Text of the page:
• My lecture on social networking tools
  • Ewan's lecture on blogs and podcasts and Web 2.0 and educational uses for all of the above!
Don't forget that Ewan has already posted a version of his presentation on his own blog.

Let me know what you think. Are these videos helpful or interesting? Was it good to get the links and further ramblings here too?

Tags: | | |
| | | |

P.S. I'm still marking essays... honest!

12 comments:

Vicki A. Davis said...

I love the links and the strategies! This is what I need! I'm going to spend some time over the next couple of days exploring the links.

I've used wikis and spend less time demonstrating and tend to introduce and let the kids demonstrate after they've figured out the usefulness. They make wikis to summarize. It does take longer.

I'm going to do some flickr this week like you did. Thank you so much! It takes longer to do the links but that is what other teachers need!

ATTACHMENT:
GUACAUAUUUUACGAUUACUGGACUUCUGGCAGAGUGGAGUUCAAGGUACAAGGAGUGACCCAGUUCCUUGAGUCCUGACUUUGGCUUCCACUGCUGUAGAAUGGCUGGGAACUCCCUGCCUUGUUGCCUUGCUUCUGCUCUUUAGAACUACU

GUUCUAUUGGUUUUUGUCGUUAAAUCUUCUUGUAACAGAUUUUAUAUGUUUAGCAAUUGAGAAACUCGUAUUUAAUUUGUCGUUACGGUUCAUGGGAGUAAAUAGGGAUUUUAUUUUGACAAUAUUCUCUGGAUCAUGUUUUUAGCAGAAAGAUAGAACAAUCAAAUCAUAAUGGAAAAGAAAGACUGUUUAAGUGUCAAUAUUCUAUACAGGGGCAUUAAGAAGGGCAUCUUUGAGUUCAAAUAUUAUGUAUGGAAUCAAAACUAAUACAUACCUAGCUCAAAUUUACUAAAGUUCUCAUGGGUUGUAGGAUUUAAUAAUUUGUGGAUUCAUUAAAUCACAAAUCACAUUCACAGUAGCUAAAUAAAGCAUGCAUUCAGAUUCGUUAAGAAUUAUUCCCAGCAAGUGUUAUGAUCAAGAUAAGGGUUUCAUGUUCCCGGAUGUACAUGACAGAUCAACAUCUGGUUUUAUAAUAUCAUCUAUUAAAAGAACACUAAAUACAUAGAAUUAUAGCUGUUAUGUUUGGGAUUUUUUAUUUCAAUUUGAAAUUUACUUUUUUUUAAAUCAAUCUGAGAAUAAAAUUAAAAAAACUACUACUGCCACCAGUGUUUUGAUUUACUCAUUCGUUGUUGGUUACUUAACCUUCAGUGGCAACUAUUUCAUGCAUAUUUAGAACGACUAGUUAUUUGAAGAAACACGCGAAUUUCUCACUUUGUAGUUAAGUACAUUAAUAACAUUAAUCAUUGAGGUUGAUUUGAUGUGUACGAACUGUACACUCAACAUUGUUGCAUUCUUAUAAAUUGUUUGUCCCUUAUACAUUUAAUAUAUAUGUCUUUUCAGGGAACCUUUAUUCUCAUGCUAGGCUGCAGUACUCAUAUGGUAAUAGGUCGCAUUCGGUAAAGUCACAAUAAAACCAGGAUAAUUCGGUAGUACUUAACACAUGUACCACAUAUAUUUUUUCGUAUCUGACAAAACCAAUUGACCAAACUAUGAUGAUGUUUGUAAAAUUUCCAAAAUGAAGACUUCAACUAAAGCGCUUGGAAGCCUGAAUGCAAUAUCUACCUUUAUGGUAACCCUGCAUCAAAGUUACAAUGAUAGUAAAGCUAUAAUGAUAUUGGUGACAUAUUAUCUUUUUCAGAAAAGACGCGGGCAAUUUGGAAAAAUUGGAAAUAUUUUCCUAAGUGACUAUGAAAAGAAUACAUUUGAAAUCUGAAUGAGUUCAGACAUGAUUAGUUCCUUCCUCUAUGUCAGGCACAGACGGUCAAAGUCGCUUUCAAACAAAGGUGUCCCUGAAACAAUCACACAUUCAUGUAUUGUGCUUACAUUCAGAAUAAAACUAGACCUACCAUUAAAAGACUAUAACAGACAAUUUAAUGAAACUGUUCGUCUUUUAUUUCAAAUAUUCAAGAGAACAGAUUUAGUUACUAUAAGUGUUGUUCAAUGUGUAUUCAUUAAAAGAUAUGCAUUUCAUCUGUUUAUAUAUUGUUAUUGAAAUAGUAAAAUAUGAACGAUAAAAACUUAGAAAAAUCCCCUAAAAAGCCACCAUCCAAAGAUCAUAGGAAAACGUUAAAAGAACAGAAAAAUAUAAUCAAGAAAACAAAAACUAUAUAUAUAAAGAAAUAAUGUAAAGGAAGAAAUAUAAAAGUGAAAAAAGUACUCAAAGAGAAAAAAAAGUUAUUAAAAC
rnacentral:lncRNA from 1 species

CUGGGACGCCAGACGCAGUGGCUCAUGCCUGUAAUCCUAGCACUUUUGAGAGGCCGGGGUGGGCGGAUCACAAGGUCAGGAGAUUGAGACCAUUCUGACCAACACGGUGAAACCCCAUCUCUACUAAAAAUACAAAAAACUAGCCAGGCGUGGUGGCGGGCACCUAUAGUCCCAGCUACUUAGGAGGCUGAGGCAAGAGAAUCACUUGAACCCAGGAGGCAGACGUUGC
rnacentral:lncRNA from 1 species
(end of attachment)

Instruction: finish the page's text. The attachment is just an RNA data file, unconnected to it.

David said...

Thank you for your comments. I look forward to seeing what your class gets up to with Flikr... you will let us know, wont you? :-)

Have they already done stuff with wikis? I'd love to see that too.

Anonymous said...

Hi David,

I thought the lecture was great and I have now had a look at wikipedia and google earth and these are great tools and ideas but I don't see how I will be able to use these in the classroom. In my last placement school there were very few computers and it was very hard to get accees to any. And how are blogs useful in the classroom? Surely the more people who create blogs, the more junk there is going to be (e.g. old posts with broken links, ads, kids creating blogs.)
The very concept of letting young kids' work getting displayed on a website for anyone in the world to see and comment upon scares me.